Rabbits infected intravenously with virulent mammalian tubercle bacilli have in a majority of cases developed circulating antibodies to a slight but appreciable degree. The increase in titer was detected in one group of rabbits within the 2nd or 3rd week, in others during the 2nd month of infection.

Rabbits with residual pulmonary foci, resulting from infection 6 months or more previously with human tubercle bacilli, on reinfection with bovine tubercle bacilli promptly developed circulating antibodies strikingly in excess of those found during the course of primary infection. Such antibodies were present 6 or 7 days after reinfection.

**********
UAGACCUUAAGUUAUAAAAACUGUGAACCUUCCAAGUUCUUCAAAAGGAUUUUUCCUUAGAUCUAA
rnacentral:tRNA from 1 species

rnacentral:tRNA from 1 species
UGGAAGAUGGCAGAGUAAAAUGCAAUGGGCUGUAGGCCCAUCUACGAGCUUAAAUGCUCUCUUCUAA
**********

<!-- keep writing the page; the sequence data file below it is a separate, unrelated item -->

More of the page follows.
The changes in titer during tuberculous infection as detected by the bacterial surface reactions and by phagocytosis were again, within the experimental error, in quantitative correspondence. The loss of phagocytosis-promoting power in heated normal serum involves an exception to this correspondence between surface and phagocytosis effects. This exception has already been discussed in an earlier paper (8).

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